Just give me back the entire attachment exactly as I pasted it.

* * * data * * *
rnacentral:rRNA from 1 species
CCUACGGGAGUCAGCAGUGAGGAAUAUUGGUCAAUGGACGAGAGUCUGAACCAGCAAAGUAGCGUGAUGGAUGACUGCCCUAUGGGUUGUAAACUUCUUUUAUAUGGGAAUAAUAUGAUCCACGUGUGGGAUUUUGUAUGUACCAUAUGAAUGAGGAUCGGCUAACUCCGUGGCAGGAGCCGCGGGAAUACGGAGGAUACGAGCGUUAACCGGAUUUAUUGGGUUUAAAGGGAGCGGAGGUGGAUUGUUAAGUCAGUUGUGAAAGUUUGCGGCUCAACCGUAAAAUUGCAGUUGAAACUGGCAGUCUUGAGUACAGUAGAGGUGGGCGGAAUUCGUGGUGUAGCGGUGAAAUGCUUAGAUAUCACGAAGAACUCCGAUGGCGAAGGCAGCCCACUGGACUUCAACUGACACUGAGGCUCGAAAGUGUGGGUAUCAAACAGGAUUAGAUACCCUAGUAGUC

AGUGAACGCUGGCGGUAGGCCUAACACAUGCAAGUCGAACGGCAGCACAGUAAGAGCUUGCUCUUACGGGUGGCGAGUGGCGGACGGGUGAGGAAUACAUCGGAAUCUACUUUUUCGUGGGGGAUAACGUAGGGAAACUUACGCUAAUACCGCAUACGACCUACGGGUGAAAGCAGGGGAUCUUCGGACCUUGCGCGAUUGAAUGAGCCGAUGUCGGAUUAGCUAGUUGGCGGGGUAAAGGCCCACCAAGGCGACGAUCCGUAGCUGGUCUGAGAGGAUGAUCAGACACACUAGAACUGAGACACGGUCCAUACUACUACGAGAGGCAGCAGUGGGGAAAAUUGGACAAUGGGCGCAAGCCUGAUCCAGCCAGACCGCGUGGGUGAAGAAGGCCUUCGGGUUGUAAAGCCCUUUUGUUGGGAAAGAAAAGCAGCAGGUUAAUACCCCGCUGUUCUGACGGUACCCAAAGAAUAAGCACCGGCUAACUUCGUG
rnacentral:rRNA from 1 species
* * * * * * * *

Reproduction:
rnacentral:rRNA from 1 species
CCUACGGGAGUCAGCAGUGAGGAAUAUUGGUCAAUGGACGAGAGUCUGAACCAGCAAAGUAGCGUGAUGGAUGACUGCCCUAUGGGUUGUAAACUUCUUUUAUAUGGGAAUAAUAUGAUCCACGUGUGGGAUUUUGUAUGUACCAUAUGAAUGAGGAUCGGCUAACUCCGUGGCAGGAGCCGCGGGAAUACGGAGGAUACGAGCGUUAACCGGAUUUAUUGGGUUUAAAGGGAGCGGAGGUGGAUUGUUAAGUCAGUUGUGAAAGUUUGCGGCUCAACCGUAAAAUUGCAGUUGAAACUGGCAGUCUUGAGUACAGUAGAGGUGGGCGGAAUUCGUGGUGUAGCGGUGAAAUGCUUAGAUAUCACGAAGAACUCCGAUGGCGAAGGCAGCCCACUGGACUUCAACUGACACUGAGGCUCGAAAGUGUGGGUAUCAAACAGGAUUAGAUACCCUAGUAGUC

AGUGAACGCUGGCGGUAGGCCUAACACAUGCAAGUCGAACGGCAGCACAGUAAGAGCUUGCUCUUACGGGUGGCGAGUGGCGGACGGGUGAGGAAUACAUCGGAAUCUACUUUUUCGUGGGGGAUAACGUAGGGAAACUUACGCUAAUACCGCAUACGACCUACGGGUGAAAGCAGGGGAUCUUCGGACCUUGCGCGAUUGAAUGAGCCGAUGUCGGAUUAGCUAGUUGGCGGGGUAAAGGCCCACCAAGGCGACGAUCCGUAGCUGGUCUGAGAGGAUGAUCAGACACACUAGAACUGAGACACGGUCCAUACUACUACGAGAGGCAGCAGUGGGGAAAAUUGGACAAUGGGCGCAAGCCUGAUCCAGCCAGACCGCGUGGGUGAAGAAGGCCUUCGGGUUGUAAAGCCCUUUUGUUGGGAAAGAAAAGCAGCAGGUUAAUACCCCGCUGUUCUGACGGUACCCAAAGAAUAAGCACCGGCUAACUUCGUG
rnacentral:rRNA from 1 species